It seems impossible to write about football and not stop in the Lone Star State. For better or worse, Texas, not the SEC or Notre Dame, is the symbol of football fandom in America. Legendary Cowboys coach Tom Landry put it best, saying, “Football is to Texas what religion is to a priest.” Football’s big everywhere, but of course “everything’s bigger in Texas.”
On Saturday I had any fan’s dream set up: Oklahoma vs. Texas at 11, which I watched with UT fans in Austin (the game is played in Dallas at the Texas State Fair every year), TCU at Baylor at 2:30, and Ole Miss at Texas A&M at 8. With a full tank of gas, a pair of standing-room-only tickets, and running shoes to make sure I could sprint to and from my car between games, I went to bed Friday night prepared to take in as much as I possibly could. Add in a high school game Friday, and my brief stint in the state featured four games in just over 24 hours.
It’s the second Saturday in October. Down here in the Lone Star State that date has historically meant one thing: Texas vs. Oklahoma – two of the most storied programs in college football in one of the game’s greatest rivalries. When the teams first played, McKinley occupied the White House, Oklahoma was still a territory, and the Wright Brothers were a few years away from their first successful flight at Kitty Hawk. Between the two, Oklahoma and Texas have won 1,719 games, produced 7 Heisman trophy winners, and taken home 11 national championships.
But this year the traditional power structure is in flux. After nearly a decade of ten-plus win seasons, the once-mighty Longhorns are struggling. Following last year’s disappointing 8-5 season, long-time coach Mack Brown retired, turning over the reins to Charlie Strong, a high-energy guy famous for putting Louisville on the college football map. While Strong has brought what many people in Austin described to me as “a much needed culture change” to the program, he has had a hard time winning games. Entering Saturday, the Longhorns’ were in danger of falling to 2-4, their worst start since 1956.
In Texas’ place sit a pair of upstarts – schools that have long been considered after-thoughts in the Texas football hierarchy: Baylor and TCU. Their fans have spent most of their lives have been spent in UT’s shadow. One Longhorn fan described the pecking order in the state as “Texas, then A&M, then a big drop off to Texas Tech unless you’re in Lubbock, then I guess Baylor.” When I asked about TCU, he responded, “oh yeah, I guess they’re there too.”
The second Saturday of October, 2014 offered a new narrative. Texas and Oklahoma fans made their familiar pilgrimage to the Texas state fairgrounds in Dallas, but for the first time since 2007 they both did so coming off of losses. A week ago, undefeated Baylor knocked off Texas, and undefeated TCU edged Oklahoma, meaning that this week’s marquee game would take place in Waco not Dallas.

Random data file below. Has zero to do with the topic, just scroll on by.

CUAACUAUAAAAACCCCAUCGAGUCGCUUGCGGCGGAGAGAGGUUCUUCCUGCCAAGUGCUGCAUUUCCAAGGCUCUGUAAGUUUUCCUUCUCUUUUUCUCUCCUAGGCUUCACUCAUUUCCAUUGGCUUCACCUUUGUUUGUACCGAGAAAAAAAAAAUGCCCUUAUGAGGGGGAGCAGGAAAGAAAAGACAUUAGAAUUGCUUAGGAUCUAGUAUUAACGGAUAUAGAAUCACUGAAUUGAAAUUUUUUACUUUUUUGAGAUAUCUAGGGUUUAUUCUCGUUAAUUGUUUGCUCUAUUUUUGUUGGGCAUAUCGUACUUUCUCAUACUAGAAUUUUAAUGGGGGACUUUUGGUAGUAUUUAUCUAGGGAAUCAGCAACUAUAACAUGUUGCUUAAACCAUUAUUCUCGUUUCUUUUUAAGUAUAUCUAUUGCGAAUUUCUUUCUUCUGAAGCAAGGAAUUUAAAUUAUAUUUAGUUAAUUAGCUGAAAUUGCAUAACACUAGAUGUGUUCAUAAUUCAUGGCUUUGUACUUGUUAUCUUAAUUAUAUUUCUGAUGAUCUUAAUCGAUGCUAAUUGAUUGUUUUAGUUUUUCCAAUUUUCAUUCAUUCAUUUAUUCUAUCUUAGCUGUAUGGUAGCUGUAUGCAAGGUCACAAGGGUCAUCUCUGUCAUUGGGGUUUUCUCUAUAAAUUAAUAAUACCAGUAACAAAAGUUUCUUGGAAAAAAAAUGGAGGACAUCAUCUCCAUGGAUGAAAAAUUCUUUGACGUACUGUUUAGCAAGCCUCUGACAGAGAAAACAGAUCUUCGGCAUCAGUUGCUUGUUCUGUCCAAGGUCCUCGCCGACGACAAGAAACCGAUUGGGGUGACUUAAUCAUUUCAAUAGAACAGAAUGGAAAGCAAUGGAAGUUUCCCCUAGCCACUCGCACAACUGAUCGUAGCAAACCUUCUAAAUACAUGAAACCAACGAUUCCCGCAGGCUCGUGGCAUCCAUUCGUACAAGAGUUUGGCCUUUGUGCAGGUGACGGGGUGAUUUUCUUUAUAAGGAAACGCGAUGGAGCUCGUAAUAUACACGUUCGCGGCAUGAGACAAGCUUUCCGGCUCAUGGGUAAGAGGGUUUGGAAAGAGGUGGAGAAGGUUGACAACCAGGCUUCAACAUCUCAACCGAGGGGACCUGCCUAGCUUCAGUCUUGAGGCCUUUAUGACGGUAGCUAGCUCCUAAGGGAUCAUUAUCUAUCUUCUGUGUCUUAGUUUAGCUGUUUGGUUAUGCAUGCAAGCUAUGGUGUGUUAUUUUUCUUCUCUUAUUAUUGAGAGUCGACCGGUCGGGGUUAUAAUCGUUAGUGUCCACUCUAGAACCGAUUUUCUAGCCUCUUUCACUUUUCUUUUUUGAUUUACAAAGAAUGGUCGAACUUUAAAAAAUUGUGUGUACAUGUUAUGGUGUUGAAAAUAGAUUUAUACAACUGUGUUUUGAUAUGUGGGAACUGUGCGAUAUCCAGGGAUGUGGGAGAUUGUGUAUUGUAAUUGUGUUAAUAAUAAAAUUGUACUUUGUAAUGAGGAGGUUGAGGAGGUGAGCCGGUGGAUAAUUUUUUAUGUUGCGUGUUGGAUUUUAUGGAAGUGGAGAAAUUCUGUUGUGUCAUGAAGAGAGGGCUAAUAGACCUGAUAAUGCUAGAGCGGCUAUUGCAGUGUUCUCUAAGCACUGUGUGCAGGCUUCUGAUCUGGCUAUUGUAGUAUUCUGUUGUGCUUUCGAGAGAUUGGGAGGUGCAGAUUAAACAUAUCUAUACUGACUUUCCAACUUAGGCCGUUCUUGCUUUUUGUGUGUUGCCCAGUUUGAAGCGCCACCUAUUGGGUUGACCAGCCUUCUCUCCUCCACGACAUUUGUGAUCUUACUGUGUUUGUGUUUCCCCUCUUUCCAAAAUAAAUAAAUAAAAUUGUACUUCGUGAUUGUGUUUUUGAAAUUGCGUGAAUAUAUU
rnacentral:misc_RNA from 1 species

“Did you go to the losers’ bowl?” a TCU fan asked me, when I told him of my plan to see three games in a day. For him, and the nearly 47,000 other fans who crowded into Baylor’s new McLane Stadium on Saturday, the chance to outshine Texas was a dream come true. “It’s just great for both schools. No one pays us much mind, so having our game be the biggest one in the state is absolutely huge.”
While the TCU fan may have been right that Baylor vs. TCU was the most important game in terms of national ranking, the biggest game in the state took place that night in College Station. 110,633 people crammed into Kyle Field to watch the Aggies take on the Ole Miss Rebels. It was the largest crowd ever to attend a football game in Texas, or in the SEC for that matter.
University of Texas
Driving into Texas, I expected to see signs of football everywhere. Like many fans, I’ve grown up with the idea that football down here is different from the rest of the country. Arriving in Austin on Monday, however, the biggest show in town was not Longhorn football but the annual Austin City Limits music festival. Hundreds of thousands of people flocked to the event the weekend before I arrived and hundreds of thousands more were expected for the weekend of the OU game. Talk radio hosts lamented the fact that there were empty seats the prior Saturday when Texas hosted Baylor, pointing their blame at the music festival.
The mood in Austin around football was one of rebuilding rather than intensity. The football season lost, people had moved on to other things, or at least focused their football anxiety on high school and the NFL. People weren’t angry or sad; they were patient. Everyone I met praised Coach Strong, but no one I met believed Texas would beat Oklahoma. People would still get excited, still go through the motions of the familiar traditions – but the hope wasn’t there. Wait ‘til next year, they seemed to be saying.
The Wednesday night pep rally, an annual tradition during rivalry week, failed to fill the entire square in front of the University Tower. Most of the people that did go seemed to be there for the spectacle rather than anticipation of something bigger. There were nearly as many people taking pictures along the parade route than people taking part in the parade.